You will never be privy to the town’s secrets, its mistakes, its curses, who ran off with who’s wife, the suicides and illegitimate children, or its embezzlements, poisonings, wife beatings, whole-house slaughterings, the mass rapes, paternity findings or the burning alive of Sara and her five children… the dark side of town history…

And especially…. "You" ... will “never” be told the people’s names who created all of these sinister events.   These are town secrets, and everyone is related to each other, and they were all somehow complicit in the events that happened, so its hush-hush.

But, being new to town, certain things and places stand out as peculiarities, that beautiful house with the all-glass tower rising above it,  the lighthouse built back in the woods entirely of abalone shells, the curious WW2 submarine sitting on a hillside lot, or the beer bottle built structure over by the graveyard, and, whats with that airplane sitting in the middle of the graveyard anyway?


So, you ask.


After many months and having asked 30 “true locals” about these things, you have learned nothing, everyone is silent… they stare away from your gaze, or say “boy ! I really don’t know”, or, they change the subject and move the conversation on and away.


For myself, the obvious avoidance of answer is as Hollywood as the places themselves, you ask a policeman, surely that fireman next door will know, how about the C of C or the Mayors office… nope, nada.  Like the old Brer rabbit tale “they ain’t sayin’ nothin’”.


This magnificent edifice above called the “Lotus” is one of those… hanging out over the water, and with a coliseum entryway and paved parking lot, one can see the old valet park-your-car set up, that dirt lot was gravel and a part of this and Marina parking as well, it is now divided off and sold-’rezoned”-  I would assume it all is part of the city's “imminent domain” take-over.


Now into our fourth year of inquiry, it is a mystery to everyone, it goes so far as the majority pretending to not even know of where I am talking about… I go through the "across from the bed and breakfast and Humane society and sandwiched in between the condominiums and the veterans memorial on bay street".. a simple “I dunno where you are speaking of"... is all I can get, the disavowment is almost laughable, standing in the Lotus parking lot and being told "you know I never noticed that building before !"


Step across the property line on one side and you are standing in the Veterans Memorial, step the other way and you are in the Condominium complex, ask anyone at either place and they look at this monstrous building and see nothing…”I dunno, I work for the Condo” says the maintenance man mowing the lawn.   Even the people at the Bread and Breakfast and Humane Society across the street say nothing.


What a magnificent building, built with top of the mark materials, and in a simply gorgeous setting, empty and unattended or maintained (obviously waiting on condemnation or eyesore removal to mature).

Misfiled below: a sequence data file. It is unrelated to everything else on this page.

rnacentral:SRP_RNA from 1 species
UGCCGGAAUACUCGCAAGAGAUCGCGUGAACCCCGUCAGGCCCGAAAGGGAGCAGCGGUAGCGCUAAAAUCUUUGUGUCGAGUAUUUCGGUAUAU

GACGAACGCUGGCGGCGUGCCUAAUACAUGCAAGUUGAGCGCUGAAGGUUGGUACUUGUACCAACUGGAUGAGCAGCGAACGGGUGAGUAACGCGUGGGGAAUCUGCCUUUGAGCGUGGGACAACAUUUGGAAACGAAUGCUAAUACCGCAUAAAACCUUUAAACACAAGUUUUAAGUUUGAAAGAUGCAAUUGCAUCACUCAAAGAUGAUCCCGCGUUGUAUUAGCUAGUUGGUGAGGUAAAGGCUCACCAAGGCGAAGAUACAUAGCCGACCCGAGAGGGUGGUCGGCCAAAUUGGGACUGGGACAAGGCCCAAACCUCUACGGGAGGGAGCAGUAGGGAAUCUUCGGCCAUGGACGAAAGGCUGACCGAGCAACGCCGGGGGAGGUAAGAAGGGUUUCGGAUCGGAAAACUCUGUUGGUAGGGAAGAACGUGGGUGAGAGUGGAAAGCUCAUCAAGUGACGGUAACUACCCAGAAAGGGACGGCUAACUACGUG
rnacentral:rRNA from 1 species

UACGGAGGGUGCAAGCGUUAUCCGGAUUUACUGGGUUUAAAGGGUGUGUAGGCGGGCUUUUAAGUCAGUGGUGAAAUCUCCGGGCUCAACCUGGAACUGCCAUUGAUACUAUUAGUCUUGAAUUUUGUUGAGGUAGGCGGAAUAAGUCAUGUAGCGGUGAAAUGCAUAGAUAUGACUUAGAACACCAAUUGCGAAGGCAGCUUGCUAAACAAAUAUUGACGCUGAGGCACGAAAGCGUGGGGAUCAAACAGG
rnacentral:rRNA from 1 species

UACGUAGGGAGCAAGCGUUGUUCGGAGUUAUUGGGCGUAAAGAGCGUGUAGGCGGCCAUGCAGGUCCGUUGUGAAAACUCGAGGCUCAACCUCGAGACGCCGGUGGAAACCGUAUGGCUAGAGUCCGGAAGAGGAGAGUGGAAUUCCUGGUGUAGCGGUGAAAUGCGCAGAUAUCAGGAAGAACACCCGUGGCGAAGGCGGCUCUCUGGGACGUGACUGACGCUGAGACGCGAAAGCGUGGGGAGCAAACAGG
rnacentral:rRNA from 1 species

With a larger harbor capacity and more scenic location closer to services than the Port of Siuslaw, one can assume who had something to do with this vacancy, and you wonder why it is not on google images or youtube anywhere... but, This one gets my “I dunno, I just live here” award for 2019.

Friday, January 17, 2020

18 JANUARY, 2020 - CREDIT WHERE CREDIT IS DUE

FINALLY !

The dredge crew did a proper tie-down of their gear and out pipe last night.... it took three days, but it was done right last night with a double tie on the pipe.

job well done.                                       

18 JANUARY, 2020 - THE DREDGER ATE MY BOAT - PART TWO

High Tide at 0515... and finally silence ! the pipe is now 3 feet off our bow.

I sleep for 1/2 an hour, when the sun gives us light (at 0700) I can finally go out to "see" the situation.

No one around anywhere... so I am able to inspect the dredge pipe, tie downs, cleats and figure out what happened.

Always critical of people and the unqualified, In the process of looking around, I have two deja vu-like recalls... 

One is remembering the day earlier as I sat in the galley watching the dredge crew shut down and secure for the night, I watched a no cross-tie of the dredge occur, and a stand up "puppeteer" of the dock line holding the pipe,  around the cleat.  (which had reminded me of a cowboy swirling a lariat just above the earth as a show of mastery)...AND ...

Two, in remembering what happened when the St. Lawrence Seaway (River) Dredge crew, got behind schedule and called in the Lake Ontario (Lake) dredge crew and equipment for support, these were "big" Ellicotts- one was a bucket dredge, their very first day on station the Lake crew's problems began.

Unaccustomed to dealing with tidal rise-fall or river "flow", the stationary wharf we all tied equipment to became an overnight (unattended) disaster, the Lake crews half-witted tie-downs were undone by morning, and (just like here) their outpipes broke loose as did their skiffs, and 1/4 mile of float pipe all went downriver.

In the night, a freighter took their slurry line, floats and all, 30 miles upstream before cutting it free.

We had a knot tying and tie-down school that next day, and we simply had to be sure a final check was made of all their tie-downs before ever leaving the docks at night.